Here’s another report on the Oona King-George Galloway election in Bethnal Green and Bow (“London’s equivalent of Brooklyn”), this one from the American liberal magazine The New Republic.
(If you don’t have a subscription, you can read it here.)
Not much new to Harry’s Place readers, except the following:
[I]n 2002 [Galloway] wrote of his experience on “the crowded dance floor of a North African nightclub … dancing with Tariq Aziz, the deputy prime minister of Iraq”…
Yes, the same Tariq Aziz whom George is trying to spring from prison.
What kind of dance do you suppose they were doing on that special night together? Probably not the hora. Was it the hustle? The lambada? The macarena? The funky chicken? Call me a sentimental fool, but I’d like to think they were doing an old-fashioned rumba.
by James Forsyth
To date in this election campaign, one candidate has received a death threat, the other has had her car tires slashed, and religious leaders are appealing for calm. Where is this happening? Not in Beirut, but in London. In the city’s Bethnal Green and Bow district, George Galloway, who famously told Saddam Hussein in 1994, “I salute your courage, your strength, your indefatigability,” is trying to defeat sitting Labour Party MP Oona King. The country’s May 5 general election is likely to produce a comfortable victory for Tony Blair’s Labour Party–which means that the Galloway-King race may be the day’s most important vote. That’s because the unseating of King, a black Jewish woman, in the second most Muslim district in the country–almost 50 percent of its voters are Muslim–could splinter British urban politics along ethnic and religious lines for years to come.
Bethnal Green and Bow is in the heart of London’s East End, and Labour has held the district continuously since 1945. London’s equivalent of Brooklyn, it has been the home of new immigrants for centuries. The district contains Brick Lane, the street made famous by Monica Ali’s novel of that name, and it now has a huge Bangladeshi population. In the 2001 election, King won more than 50 percent of the vote in a six-candidate field. She epitomizes the tolerant, hip, multi-ethnic city London has become: Her father was an African-American civil rights activist, her mother a half-Hungarian half Scots-Irish Jew, and she herself is married to an Italian.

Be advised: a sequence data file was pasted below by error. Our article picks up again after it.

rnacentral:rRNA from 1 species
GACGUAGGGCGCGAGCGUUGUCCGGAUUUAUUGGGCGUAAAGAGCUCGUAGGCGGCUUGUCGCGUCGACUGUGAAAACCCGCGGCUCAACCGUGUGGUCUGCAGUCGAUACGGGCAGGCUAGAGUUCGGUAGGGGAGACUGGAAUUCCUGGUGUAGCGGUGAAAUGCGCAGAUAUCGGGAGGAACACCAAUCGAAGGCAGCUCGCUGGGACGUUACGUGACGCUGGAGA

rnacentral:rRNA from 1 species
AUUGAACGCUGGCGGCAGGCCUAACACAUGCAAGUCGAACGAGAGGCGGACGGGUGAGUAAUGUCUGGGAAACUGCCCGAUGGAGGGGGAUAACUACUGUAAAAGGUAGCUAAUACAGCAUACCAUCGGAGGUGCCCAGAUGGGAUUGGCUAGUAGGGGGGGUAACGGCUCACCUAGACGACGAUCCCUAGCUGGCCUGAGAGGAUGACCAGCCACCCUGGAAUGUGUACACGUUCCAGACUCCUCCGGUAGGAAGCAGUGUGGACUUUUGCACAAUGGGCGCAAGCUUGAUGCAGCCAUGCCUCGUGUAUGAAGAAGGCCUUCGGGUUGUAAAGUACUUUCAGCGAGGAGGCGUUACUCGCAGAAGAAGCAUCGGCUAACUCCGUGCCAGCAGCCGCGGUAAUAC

Were it not for Iraq, King would be cruising to reelection; instead she is in a battle that appears to be close. Her vote for the war did not sit well with her Muslim constituents, and Galloway, a former Labour MP now running as the candidate of the newly formed Respect Party, is capitalizing on their anger. His election leaflet has a picture of King’s head superimposed on the body of an American tank commander. “Warmongers out!” it reads. At a public meeting with King and other candidates on Wednesday, Galloway took the issue a step further, claiming that “if you make war against Muslims abroad you’re going to end up making war against Muslims at home.”
The race hit the front pages in Britain on April 10, when youths threw eggs at King as she honored East End Jews killed by Nazi bombing raids. One young Muslim afterward told a Daily Telegraph reporter: “We all hate her. She comes here with her Jewish friends who are killing our people and then they come to our back yards. It is out of order. What do they expect?” King herself admitted to The Times of London that her background has proved “hugely problematic.” She has accused Respect of stoking anti-Semitism. (The party has responded by threatening to sue King for libel.) One thing seems certain: If King loses, parties will think twice about running Jewish candidates in districts with large Muslim populations.